New York State IPM Program

September 1, 2015
by Lynn A. Braband
Comments Off on Everything Wants to Prepare for Winter

Everything Wants to Prepare for Winter

squirrel

A Gray Squirrel checks out a possible winter home.

Although summer heat is predicted for New York State through at least the Labor Day weekend, signs of the inevitable change of seasons are upon us. The daylight hours are becoming shorter, territorial singing by birds has decreased greatly, and many animals, including tree squirrels, begin preparing for the long, cold months of winter. In addition to their well-known behavior of caching nuts during autumn, squirrels look for protective sites for over-wintering. Often, these locations include the attics and walls of houses and other buildings. It is not unusual to have 8, 10, or more squirrels over-wintering in a building. Structural damage caused by the animals’ chewing can be significant. There is also the possibility of infestations of parasites associated with the animals, and at least the potential risk of disease transmission.

As with the management of any pest situation, prevention is preferred over seeking to rectify a well-established problem. For squirrels, this would include an inspection of the building exterior looking for potential entry sites and routes of access. August and early September are optimum times for inspecting. This is ladder work so safety is a very important consideration. Consult ladder safety sites such as the American Ladder Institute.

Cage trapping is a common tactic of many homeowners and businesses in seeking to rectify a squirrel or other wild animal problem. The animals are then transported off-site. However, this is illegal in New York State, and many other places, without a state-issued permit. Read Dealing With Wildlife and the New York Laws That Protect Them for a synopsis of the legal framework for dealing with nuisance wildlife.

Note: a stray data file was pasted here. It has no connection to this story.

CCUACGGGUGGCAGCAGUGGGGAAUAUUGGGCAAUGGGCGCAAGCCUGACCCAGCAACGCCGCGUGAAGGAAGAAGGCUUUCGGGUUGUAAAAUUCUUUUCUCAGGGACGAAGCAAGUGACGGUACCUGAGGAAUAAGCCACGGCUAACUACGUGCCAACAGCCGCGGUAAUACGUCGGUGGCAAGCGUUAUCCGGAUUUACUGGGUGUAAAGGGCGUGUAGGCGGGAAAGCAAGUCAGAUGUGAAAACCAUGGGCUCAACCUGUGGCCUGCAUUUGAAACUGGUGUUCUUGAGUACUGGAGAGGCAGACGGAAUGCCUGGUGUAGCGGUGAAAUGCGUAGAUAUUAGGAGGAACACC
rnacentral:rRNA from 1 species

Individuals who operate under such a permit are referred to as Nuisance Wildlife Control Operators or, simply, Wildlife Control Operators. These individuals have passed a comprehensive exam on solving wildlife problems and have the experience and equipment to address nuisance wildlife and wildlife damage situations. For names of permit holders, contact your regional office of the New York State Department of Environmental Conservation. Another source is the NYS Wildlife Management Association, the state trade group for wildlife control operators.

For more information on dealing with squirrel issues, see:

Controlling Squirrel Problems in Buildings

Wildlife Damage Management Fact Sheets: Tree Squirrels

October 22, 2014
by Mary M. Woodsen
Comments Off on IPM for Wildlife — the Hotline Begins Here

IPM for Wildlife — the Hotline Begins Here

Maybe it’s the chipmunk stashing a winter’s-worth of nuts and seeds in the cellar. Or momma raccoon bringing up baby in the attic (the latrine she made is conveniently nearby). Or any of 20-plus critters that set up shop where we want them least.

Nationwide, Cooperative Extension’s Master Gardener volunteers are IPM-trained and equipped to field pest questions of every stripe and hue. Well — nearly. Striped cucumber beetle? No prob. But striped skunk?

rat wall

Make Prevention Your Mantra: Chipmunks and rats can get through holes the size of a quarter — and mice, a dime. Ask for a roll of galvanized hardware cloth at your local hardware or lumber store, then build a “rat wall” to protect your crawl space or cellar. Illustration by M. S. Heller, from Wildlife Damage Management for Master Gardeners

Wildlife professionals have IPM resources at their fingertips. But none of these resources are geared for nonprofessionals. Now a team of Extension educators based at Cornell and the University of Nebraska have crafted a first-time-ever guide giving master gardeners from coast to coast a wealth of carefully presented, commonsense advice they can share with those who turn to them for help. Please see online the National Wildlife Control Training Program for Master Gardeners.

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